Healing and happiness, one pastry at a time
It’s 3 a.m. and Maddie Brehm ’15 is ready to get her hands dirty. Over the next eight hours, this young and earnest pastry chef will create dozens of edible art — macarons, chocolate éclairs, petits fours, chouquettes — that will end up enticing customers at both Patisserie 46 and Rose Street Patisserie in Minneapolis. To say this longtime home-baker is living out a dream is an understatement; baking saved her life.
For most of her childhood, Brehm went undetected with Lyme disease. She fought brain fog, chronic fatigue and stomach cramps that practically shackled her to the bed. She avoided dairy, gluten, soy, sugar — anything she thought could potentially make her feel ill. “I got sick when I was five,” she recalls, “and I was finally diagnosed correctly at 16 or 17.”
To keep her mind off the persistent malaise, she spent hours sifting flour, beating eggs and measuring sugar. “For so long, I was really just living one day at a time,” says Brehm, who grew up in Eagan, Minnesota and earned a bachelor’s degree in Asian Studies and Language Studies. “I was anxious a lot and had trouble connecting with other people. Baking became my way to communicate. I was creating versions of all the things I couldn’t have because of food sensitivities. And that was OK. I was content just watching someone eat and truly enjoy what I made.”
By the time she started at St. Kate’s — her health finally in check after a year of antibiotic treatment — Brehm began to flourish. She made the dean’s list and the prestigious Phi Beta Kappa honor society. She founded a club for commuter students and served as its president. She became a Senate member, orientation leader, writing tutor and teaching assistant for two English as a Second Language (ESL) courses. And through it all, she continued to turn out delicious confections for family and friends.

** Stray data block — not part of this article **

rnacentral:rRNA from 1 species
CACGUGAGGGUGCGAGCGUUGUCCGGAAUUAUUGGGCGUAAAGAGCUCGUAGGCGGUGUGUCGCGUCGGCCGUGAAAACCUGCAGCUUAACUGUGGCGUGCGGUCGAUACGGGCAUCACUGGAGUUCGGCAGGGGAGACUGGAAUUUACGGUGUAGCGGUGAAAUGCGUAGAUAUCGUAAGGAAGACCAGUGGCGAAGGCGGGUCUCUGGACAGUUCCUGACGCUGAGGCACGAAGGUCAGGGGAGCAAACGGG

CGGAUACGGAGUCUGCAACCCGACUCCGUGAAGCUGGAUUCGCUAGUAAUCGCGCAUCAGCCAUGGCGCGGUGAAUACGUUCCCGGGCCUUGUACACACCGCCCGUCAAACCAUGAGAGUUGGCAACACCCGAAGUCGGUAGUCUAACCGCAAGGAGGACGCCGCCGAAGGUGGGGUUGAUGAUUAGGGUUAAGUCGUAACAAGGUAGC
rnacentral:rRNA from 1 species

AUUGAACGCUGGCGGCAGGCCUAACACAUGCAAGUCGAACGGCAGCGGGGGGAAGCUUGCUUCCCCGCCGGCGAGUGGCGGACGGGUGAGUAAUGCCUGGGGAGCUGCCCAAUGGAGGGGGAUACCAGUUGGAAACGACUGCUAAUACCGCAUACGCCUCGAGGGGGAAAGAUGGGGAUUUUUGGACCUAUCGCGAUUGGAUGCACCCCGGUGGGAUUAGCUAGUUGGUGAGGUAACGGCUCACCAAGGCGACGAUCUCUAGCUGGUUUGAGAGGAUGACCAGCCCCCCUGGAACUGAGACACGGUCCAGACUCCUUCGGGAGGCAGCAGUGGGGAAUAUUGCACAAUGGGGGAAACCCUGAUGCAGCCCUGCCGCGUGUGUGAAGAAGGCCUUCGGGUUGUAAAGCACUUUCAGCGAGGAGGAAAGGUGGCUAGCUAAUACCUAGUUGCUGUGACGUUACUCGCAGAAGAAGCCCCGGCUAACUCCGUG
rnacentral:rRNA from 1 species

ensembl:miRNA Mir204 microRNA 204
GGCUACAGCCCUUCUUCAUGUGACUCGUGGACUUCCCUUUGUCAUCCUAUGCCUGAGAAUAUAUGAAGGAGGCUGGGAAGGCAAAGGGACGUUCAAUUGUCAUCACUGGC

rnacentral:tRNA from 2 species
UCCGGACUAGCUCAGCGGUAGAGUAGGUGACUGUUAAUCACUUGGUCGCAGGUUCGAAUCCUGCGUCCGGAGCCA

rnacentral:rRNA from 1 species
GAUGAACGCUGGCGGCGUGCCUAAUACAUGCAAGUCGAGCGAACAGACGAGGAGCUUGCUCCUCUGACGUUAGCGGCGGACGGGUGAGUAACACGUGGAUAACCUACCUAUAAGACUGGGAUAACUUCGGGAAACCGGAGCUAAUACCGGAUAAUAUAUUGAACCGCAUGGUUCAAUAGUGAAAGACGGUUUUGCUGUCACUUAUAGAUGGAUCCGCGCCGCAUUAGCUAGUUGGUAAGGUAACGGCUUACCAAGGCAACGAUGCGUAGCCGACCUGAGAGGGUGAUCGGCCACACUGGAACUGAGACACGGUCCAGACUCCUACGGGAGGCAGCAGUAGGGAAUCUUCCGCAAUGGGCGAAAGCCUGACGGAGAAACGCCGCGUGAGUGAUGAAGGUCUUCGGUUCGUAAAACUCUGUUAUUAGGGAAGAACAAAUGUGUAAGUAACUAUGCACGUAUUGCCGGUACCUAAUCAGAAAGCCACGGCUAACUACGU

But she never intended baking to be her career. She was set on being an ESL teacher. Things changed after a fall semester in Japan.
“I was living with a family in a very old, traditional house with one burner on the stove and no oven,” she says. “I felt like I had lost my voice, that I couldn’t fully open up and share myself through what I knew best. I missed baking so much that when I returned to the United States, I think I baked 12 hours straight!” Brehm decided baking wasn’t just a pastime. It would be her work. After graduating, she entered a pastry program at Gastronomicom in Cap d’Agde, France. What followed was an internship at La Passagère, a Michelin-star restaurant in Juan-les-Pins with a staggering view of the French Riviera.
“I had no experience in a professional kitchen and I barely spoke French, but there I was — because France was on my travel bucket list — and I held my own,” she says. “My time at St. Kate’s definitely helped me navigate a kitchen full of men, including a chef who didn’t speak English. The University’s supportive, womencentric environment taught me how to be a leader, how to communicate, how to organize myself, how to help other people and, most importantly, how to stand up for myself.”
Back in the Land of 10,000 Lakes, it’s 11 a.m. and Brehm’s ready to call it a day. She sleeps when most people are awake, and she labors away (Friday to Tuesday) when loved ones like her mom, Barbara O’Toole-Brehm ’83, are tucked in bed. Yet, even with an unorthodox schedule, Brehm finds solace in the art of baking. “Sometimes in today’s political climate, I feel guilty for just wanting to make cake,” she says. “But I think that it’s very important to have those little pieces of happiness in your life.”